Rival Nasdaq examines possible joint bid for market-leading NYSE

Investors are betting on a counter-bid for NYSE Euronext, the parent company of the New York Stock Exchange, which has agreed to merge with Germany's Deutsche Börse, amid talk that its smaller US rival Nasdaq OMX could make a takeover approach of its own.

Nasdaq has been examining the possibility of teaming up with a partner to make a joint bid for NYSE, in a move that would consolidate the two best-known American stock markets – and save Nasdaq from being frozen out of the latest wave of exchange consolidation.

It hopes to gate-crash a union that, by combining Deutsche Börse's dominant equities and derivatives European operations with NYSE's market-leading US stock market, will create that largest exchange group in the world. An all-American deal would also help counter some of the nationalist grumbling that accompanied news of the sale of the New York Stock Exchange to a German company.

One deal under consideration is a joint bid by Nasdaq and Intercontinental Exchange, the fast-growing commodities exchange business, in which NYSE's assets would be split between the pair. Nasdaq would get its hands on the equities trading business, including the New York Stock Exchange's iconic Manhattan trading floor, while ICE would retain NYSE's highly profitable derivatives exchanges in Europe.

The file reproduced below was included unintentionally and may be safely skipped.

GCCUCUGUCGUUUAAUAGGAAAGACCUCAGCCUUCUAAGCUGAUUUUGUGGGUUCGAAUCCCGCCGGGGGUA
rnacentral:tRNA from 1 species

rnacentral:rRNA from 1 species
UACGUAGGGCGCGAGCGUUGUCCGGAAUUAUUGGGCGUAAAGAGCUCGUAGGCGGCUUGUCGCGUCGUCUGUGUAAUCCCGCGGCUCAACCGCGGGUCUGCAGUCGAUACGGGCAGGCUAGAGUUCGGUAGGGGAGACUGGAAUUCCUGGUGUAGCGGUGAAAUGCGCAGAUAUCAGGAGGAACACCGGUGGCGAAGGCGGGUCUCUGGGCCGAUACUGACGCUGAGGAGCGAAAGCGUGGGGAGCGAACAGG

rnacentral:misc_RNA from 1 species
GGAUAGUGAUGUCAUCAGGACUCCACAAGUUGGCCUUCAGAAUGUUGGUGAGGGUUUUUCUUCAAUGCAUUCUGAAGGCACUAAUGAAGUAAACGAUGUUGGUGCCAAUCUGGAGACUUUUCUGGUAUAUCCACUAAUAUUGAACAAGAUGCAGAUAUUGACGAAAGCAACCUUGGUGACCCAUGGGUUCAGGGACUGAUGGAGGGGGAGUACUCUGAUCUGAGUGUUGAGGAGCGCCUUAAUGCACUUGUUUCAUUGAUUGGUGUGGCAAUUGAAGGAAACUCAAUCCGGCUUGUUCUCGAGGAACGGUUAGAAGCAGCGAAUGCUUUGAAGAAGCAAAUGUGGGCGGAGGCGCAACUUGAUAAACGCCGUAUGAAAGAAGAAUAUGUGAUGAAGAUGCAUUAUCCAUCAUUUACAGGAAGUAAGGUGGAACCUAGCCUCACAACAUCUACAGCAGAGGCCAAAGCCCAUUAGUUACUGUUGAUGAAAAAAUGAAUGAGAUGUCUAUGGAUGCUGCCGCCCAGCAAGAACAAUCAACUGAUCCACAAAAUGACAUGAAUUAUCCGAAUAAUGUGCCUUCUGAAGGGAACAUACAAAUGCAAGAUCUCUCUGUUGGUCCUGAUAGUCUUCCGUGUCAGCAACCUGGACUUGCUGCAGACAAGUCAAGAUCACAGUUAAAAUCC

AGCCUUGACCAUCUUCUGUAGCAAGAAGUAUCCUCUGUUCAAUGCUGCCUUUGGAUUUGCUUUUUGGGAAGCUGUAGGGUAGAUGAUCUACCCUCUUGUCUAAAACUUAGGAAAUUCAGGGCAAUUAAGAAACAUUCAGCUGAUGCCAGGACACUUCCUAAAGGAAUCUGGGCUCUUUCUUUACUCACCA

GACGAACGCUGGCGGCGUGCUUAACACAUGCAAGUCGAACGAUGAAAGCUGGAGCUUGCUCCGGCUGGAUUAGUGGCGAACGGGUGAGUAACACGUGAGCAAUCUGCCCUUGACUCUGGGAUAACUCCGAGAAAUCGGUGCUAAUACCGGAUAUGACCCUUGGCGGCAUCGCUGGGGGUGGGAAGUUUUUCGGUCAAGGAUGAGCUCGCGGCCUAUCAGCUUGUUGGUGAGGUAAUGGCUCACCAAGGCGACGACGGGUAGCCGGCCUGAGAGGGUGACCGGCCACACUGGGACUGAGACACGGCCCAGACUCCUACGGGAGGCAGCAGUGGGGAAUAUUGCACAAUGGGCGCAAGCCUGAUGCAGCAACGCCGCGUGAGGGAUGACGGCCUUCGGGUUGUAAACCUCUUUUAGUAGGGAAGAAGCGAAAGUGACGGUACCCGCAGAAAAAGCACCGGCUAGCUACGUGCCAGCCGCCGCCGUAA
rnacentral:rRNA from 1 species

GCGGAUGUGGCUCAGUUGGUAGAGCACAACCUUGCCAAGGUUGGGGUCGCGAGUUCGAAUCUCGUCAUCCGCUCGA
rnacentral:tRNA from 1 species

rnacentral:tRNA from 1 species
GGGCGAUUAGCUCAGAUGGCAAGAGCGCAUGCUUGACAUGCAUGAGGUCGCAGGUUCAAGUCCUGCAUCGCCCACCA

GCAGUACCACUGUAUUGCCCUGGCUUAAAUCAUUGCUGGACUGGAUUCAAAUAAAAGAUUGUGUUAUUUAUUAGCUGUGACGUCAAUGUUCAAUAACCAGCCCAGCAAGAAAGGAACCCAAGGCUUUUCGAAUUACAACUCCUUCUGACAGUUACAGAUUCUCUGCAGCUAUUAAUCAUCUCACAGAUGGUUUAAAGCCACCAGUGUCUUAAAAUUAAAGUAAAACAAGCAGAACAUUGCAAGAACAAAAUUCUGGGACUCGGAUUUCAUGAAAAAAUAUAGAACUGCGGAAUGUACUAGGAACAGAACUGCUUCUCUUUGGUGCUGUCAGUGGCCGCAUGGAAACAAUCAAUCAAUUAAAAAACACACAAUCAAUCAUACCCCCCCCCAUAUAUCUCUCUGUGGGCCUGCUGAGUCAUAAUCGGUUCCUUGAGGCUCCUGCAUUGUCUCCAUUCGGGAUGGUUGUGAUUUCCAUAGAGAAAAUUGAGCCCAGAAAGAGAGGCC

While financial-sector analysts put the chances of a Nasdaq bid at less than 50-50, the speculation has kept NYSE shares trading above their implied value under the terms of the Deutsche Börse merger. NYSE shareholders will get 0.47 shares in the combined company for each share they own, according to the deal signed last week, which at lunchtime yesterday would have been worth $35.84 based on the Deutsche Börse share price. In fact, NYSE shares traded at $36.61.

Nasdaq shares slipped as it became clear that the company is hoping to be a buyer in the current wave of consolidation, rather than to become a takeover target. It apparently talked to CME Group, owner of the Chicago Mercantile Exchange, the largest derivatives exchange in the US, about teaming up on a NYSE bid.

Ed Ditmire, an analyst at Macquarie, said Nasdaq faces an uphill battle if it hopes to break up the NYSE-Deutsche Börse marriage, because it is smaller and its shares are less highly valued than NYSE. "I think what we are seeing is contingency planning, making sure that Nasdaq is ready in case something goes wrong with the NYSE-Deutsche deal," he said. The deal has raised competition issues in Europe because it combines two of the three largest derivatives exchanges.

With the London Stock Exchange planning to merge with its Toronto counterpart and even consolidation between the new electronic trading platforms that have sprung up to rival traditional exchanges, Nasdaq faces losing its place in the big league of world exchanges.

"Nasdaq has traditionally been a buyer, but just looking at its market capitalisation you see it is closer to the bottom end of the exchange rankings," Mr Ditmire said.

"Its next move might be as a takeover target."

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